Finjan brought suit against Blue Coat for infringement of software patents directed to identifying and protecting against malware. One of the software patents is directed to a method of providing computer security by scanning a downloadable and attaching the results of that scan to the downloadable itself in the form of a “security profile.”
Claim 1 of the patent reads:
1. A method comprising:
- receiving by an inspector a Downloadable;
- generating by the inspector a first Downloadable security profile that identifies suspicious code in the received Downloadable; and
- linking by the inspector the first Downloadable security profile to the Downloadable before a web server makes the Downloadable available to web clients.
The parties agreed that “Downloadable” should be construed to mean “an executable application program, which is downloaded from a source computer and run on the destination computer.” Additionally, the district court construed “Downloadable security profile that identifies suspicious code in the received Downloadable” to mean “a profile that identifies code in the received Downloadable that performs hostile or potentially hostile operations.”
The Federal Circuit noted that they had previously determined in Intellectual Ventures I LLC v. Symantec Corp. that, by itself, virus screening is well-known and constitutes an abstract idea. They also found that performing the virus scan on an intermediary computer—so as to ensure that files are scanned before they can reach a user’s computer— is a “perfectly conventional” approach and is also abstract. However, they felt that, here, the claimed method does a
good deal more.
The method of claim 1 scans a downloadable and attaches the virus scan results to the downloadable in the form of a newly generated file: a “security profile that identifies suspicious code in the received Downloadable.”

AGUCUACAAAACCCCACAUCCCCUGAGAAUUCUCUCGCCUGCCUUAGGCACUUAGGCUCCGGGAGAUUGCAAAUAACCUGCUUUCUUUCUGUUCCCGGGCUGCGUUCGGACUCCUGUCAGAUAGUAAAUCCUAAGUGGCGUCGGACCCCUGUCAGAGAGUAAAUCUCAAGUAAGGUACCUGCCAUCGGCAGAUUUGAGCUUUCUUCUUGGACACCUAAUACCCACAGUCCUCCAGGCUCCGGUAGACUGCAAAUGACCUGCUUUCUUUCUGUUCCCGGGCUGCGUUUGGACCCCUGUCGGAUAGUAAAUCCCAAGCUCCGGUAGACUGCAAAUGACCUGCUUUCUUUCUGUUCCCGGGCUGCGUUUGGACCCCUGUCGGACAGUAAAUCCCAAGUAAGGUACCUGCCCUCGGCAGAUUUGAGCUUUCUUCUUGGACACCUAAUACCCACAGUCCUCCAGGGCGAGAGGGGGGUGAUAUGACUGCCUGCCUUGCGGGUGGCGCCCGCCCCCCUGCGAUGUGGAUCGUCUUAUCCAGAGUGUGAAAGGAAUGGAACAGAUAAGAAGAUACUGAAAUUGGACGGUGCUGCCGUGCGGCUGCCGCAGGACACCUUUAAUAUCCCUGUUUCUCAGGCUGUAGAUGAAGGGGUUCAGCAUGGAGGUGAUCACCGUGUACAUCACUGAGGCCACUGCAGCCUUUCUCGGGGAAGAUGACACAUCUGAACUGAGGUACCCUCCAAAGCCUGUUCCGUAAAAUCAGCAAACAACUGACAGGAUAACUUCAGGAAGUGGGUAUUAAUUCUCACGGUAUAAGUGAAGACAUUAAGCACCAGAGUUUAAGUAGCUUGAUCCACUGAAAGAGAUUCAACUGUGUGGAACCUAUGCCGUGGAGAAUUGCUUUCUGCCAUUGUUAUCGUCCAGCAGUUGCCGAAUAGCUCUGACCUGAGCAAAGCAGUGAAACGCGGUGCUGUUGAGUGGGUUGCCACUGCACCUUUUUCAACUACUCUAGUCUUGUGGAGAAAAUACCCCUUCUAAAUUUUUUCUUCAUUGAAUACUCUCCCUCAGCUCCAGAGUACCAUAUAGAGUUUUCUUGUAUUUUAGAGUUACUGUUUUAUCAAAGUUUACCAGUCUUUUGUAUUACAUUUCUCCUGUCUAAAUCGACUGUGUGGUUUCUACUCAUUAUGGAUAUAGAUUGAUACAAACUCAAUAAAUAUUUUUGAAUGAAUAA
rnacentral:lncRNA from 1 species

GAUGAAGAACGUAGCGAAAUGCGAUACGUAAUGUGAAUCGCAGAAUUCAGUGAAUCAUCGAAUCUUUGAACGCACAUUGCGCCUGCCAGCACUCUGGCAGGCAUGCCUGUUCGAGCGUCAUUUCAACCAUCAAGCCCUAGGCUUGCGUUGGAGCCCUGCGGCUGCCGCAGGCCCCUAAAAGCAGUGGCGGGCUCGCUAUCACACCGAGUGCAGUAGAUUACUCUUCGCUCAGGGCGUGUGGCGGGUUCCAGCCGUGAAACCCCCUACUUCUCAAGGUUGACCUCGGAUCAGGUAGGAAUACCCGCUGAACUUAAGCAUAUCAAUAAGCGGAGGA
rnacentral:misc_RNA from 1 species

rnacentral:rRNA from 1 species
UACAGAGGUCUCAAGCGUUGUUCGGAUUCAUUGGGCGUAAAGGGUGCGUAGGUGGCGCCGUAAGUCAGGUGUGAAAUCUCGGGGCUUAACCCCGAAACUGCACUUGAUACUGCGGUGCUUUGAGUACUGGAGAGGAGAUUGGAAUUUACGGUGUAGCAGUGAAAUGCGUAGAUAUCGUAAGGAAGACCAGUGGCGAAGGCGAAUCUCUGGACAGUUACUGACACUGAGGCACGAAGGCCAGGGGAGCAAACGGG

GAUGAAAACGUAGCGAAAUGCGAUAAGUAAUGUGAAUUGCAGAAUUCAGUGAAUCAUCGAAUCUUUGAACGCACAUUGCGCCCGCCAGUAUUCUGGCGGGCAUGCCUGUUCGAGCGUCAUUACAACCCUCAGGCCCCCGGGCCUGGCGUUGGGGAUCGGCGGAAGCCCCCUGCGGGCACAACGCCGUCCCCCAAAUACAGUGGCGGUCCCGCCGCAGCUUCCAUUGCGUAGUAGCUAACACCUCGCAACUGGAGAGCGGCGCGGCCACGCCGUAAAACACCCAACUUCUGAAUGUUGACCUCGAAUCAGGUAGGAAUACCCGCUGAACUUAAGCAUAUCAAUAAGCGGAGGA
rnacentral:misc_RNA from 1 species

The district court’s claim construction decision emphasized that this “identify suspicious code” limitation can only be satisfied if the security profile includes “details about the suspicious code in the received downloadable, such as . . . ‘all potentially hostile or suspicious code operations that may be attempted by the Downloadable.’” The security profile must include the information about potentially hostile operations produced by a “behavior-based” virus scan. This operation is distinguished from traditional, “code-matching” virus scans that are limited to recognizing the presence of previously-identified viruses, typically by comparing the code in a downloadable to a database of known suspicious code. The question, then, is whether this behavior-based virus scan constitutes an improvement in computer functionality. The Federal Circuit believes that it does.
The “behavior-based” approach to virus scanning was pioneered by Finjan and is disclosed in the software patent’s specification. Traditional “code-matching” systems simply look for the presence of known viruses.